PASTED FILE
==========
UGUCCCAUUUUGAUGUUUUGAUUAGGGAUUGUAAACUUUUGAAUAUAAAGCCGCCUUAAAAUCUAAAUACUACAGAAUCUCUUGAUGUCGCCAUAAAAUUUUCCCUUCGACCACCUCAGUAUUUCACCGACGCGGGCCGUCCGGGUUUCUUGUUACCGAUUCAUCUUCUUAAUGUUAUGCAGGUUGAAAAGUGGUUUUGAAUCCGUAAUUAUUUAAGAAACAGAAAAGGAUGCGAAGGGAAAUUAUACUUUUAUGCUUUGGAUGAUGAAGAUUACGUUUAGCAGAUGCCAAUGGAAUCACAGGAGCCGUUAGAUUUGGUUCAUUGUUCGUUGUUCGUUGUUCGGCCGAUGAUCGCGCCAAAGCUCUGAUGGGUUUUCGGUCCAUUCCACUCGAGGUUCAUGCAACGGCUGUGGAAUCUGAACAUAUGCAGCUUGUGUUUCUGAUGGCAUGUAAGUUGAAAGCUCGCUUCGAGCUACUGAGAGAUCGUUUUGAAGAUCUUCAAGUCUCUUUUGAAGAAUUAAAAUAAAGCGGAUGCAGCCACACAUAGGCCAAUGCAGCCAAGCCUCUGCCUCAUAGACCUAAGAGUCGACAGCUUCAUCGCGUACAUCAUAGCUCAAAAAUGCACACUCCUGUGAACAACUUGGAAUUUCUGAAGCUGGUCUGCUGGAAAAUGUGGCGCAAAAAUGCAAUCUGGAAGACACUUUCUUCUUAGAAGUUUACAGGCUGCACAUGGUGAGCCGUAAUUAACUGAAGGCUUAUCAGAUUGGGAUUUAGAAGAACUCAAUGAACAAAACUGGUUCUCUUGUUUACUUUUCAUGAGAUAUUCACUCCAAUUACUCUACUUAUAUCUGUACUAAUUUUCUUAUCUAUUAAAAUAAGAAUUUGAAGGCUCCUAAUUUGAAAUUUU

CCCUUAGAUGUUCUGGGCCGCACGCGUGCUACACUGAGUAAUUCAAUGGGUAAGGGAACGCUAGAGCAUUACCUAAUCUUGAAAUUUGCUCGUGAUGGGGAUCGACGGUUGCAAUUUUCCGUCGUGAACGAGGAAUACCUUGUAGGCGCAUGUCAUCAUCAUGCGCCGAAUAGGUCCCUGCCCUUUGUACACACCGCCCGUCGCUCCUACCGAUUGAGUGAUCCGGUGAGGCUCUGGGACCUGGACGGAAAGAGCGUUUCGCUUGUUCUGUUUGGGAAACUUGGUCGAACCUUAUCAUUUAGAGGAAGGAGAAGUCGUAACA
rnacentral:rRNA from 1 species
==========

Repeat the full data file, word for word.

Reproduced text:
UGUCCCAUUUUGAUGUUUUGAUUAGGGAUUGUAAACUUUUGAAUAUAAAGCCGCCUUAAAAUCUAAAUACUACAGAAUCUCUUGAUGUCGCCAUAAAAUUUUCCCUUCGACCACCUCAGUAUUUCACCGACGCGGGCCGUCCGGGUUUCUUGUUACCGAUUCAUCUUCUUAAUGUUAUGCAGGUUGAAAAGUGGUUUUGAAUCCGUAAUUAUUUAAGAAACAGAAAAGGAUGCGAAGGGAAAUUAUACUUUUAUGCUUUGGAUGAUGAAGAUUACGUUUAGCAGAUGCCAAUGGAAUCACAGGAGCCGUUAGAUUUGGUUCAUUGUUCGUUGUUCGUUGUUCGGCCGAUGAUCGCGCCAAAGCUCUGAUGGGUUUUCGGUCCAUUCCACUCGAGGUUCAUGCAACGGCUGUGGAAUCUGAACAUAUGCAGCUUGUGUUUCUGAUGGCAUGUAAGUUGAAAGCUCGCUUCGAGCUACUGAGAGAUCGUUUUGAAGAUCUUCAAGUCUCUUUUGAAGAAUUAAAAUAAAGCGGAUGCAGCCACACAUAGGCCAAUGCAGCCAAGCCUCUGCCUCAUAGACCUAAGAGUCGACAGCUUCAUCGCGUACAUCAUAGCUCAAAAAUGCACACUCCUGUGAACAACUUGGAAUUUCUGAAGCUGGUCUGCUGGAAAAUGUGGCGCAAAAAUGCAAUCUGGAAGACACUUUCUUCUUAGAAGUUUACAGGCUGCACAUGGUGAGCCGUAAUUAACUGAAGGCUUAUCAGAUUGGGAUUUAGAAGAACUCAAUGAACAAAACUGGUUCUCUUGUUUACUUUUCAUGAGAUAUUCACUCCAAUUACUCUACUUAUAUCUGUACUAAUUUUCUUAUCUAUUAAAAUAAGAAUUUGAAGGCUCCUAAUUUGAAAUUUU

CCCUUAGAUGUUCUGGGCCGCACGCGUGCUACACUGAGUAAUUCAAUGGGUAAGGGAACGCUAGAGCAUUACCUAAUCUUGAAAUUUGCUCGUGAUGGGGAUCGACGGUUGCAAUUUUCCGUCGUGAACGAGGAAUACCUUGUAGGCGCAUGUCAUCAUCAUGCGCCGAAUAGGUCCCUGCCCUUUGUACACACCGCCCGUCGCUCCUACCGAUUGAGUGAUCCGGUGAGGCUCUGGGACCUGGACGGAAAGAGCGUUUCGCUUGUUCUGUUUGGGAAACUUGGUCGAACCUUAUCAUUUAGAGGAAGGAGAAGUCGUAACA
rnacentral:rRNA from 1 species